A crowd of 19 family members cheered from the stands as Marissa Cannon, 17, helped bring home the gold. Cannon, the daughter of Lisa and Barry Kopit of Bethesda, played point guard for the U.S. girls’ 16- to 18-year-old basketball team during this summer’s Maccabiah Games in Israel. The girls beat the Canadian team in the gold medal game by 51 points, the highest point differential in any Maccabiah basketball game in the history of the games.
Cannon was taught to play basketball by her older brother when she was a little girl. Team play began while in elementary school at Jewish Primary Day School of the Nation’s Capital. She continued for Pyle Middle School, increasing her training and workouts. As a member of the Adas Israel USY basketball team, she helped secure the local championship the past two years. Having just begun her senior year at Bethesda’s Walt Whitman High School, she has been a member of the school’s basketball program all four years, playing junior varsity the first two years and moving to varsity in her junior year. Last year, the team won the regionals.
Along the way, she has participated in six Maccabi Games including Cherry Hill, Baltimore, Tennessee and a regional game in Israel.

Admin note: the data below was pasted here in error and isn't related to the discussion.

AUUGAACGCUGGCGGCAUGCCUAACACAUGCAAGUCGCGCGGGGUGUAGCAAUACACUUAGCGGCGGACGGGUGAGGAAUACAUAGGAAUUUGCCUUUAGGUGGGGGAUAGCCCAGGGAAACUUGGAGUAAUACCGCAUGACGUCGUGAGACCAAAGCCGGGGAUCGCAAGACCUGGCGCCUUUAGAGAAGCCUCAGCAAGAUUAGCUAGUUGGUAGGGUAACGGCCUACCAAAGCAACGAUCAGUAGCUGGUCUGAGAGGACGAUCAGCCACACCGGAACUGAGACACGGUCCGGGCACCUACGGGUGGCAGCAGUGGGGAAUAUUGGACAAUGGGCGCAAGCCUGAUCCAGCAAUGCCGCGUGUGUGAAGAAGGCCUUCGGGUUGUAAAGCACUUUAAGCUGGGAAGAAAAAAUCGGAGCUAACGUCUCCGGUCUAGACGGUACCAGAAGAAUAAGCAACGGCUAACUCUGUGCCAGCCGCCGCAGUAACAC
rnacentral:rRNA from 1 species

This year her coach from the Greater Washington Maccabi team recommended her to the Maccabiah team coaches. After two days of tryouts in New York this past September, she made the team. Her twin sister, Maddie also made the team but stayed in the States to play in tournaments.
“Amazing girls tried out,” Cannon remembers. “I was really fortunate to make the team.”
The team finally met in Israel on July 6. There they completed a four-day boot camp with two practices a day for two hours each. They worked on plays and defense and working together as a team. “We just kind of clicked,” she said.
The team played a total of five games — one against Israel and two games each against Australia and Canada. There were only three opponents in the division. Team USA was undefeated.
Joining Cannon’s family was Daniel Shapiro, U.S. ambassador to Israel, and his family. Shapiro’s wife, Julie, taught Marissa and her siblings when they were students at JPDS-NC.
Said Cannon of the experience, “The stands were filled. Everyone was cheering the U.S. on. It was amazing to see everyone there to support our team. It made a huge difference — gave us energy and momentum and that’s how we won the game.”
The team stays close through various forms of social media. After high school, Cannon hopes to play basketball in college and return again to Maccabiah.
The family was also able to cheer on cousin Jason Belinkie, as the men’s half-marathon team brought home the silver medal. Belinkie, 31, is the son of David and Julie Silver of Bethesda and cross country coach at the Charles E. Smith Jewish Day School.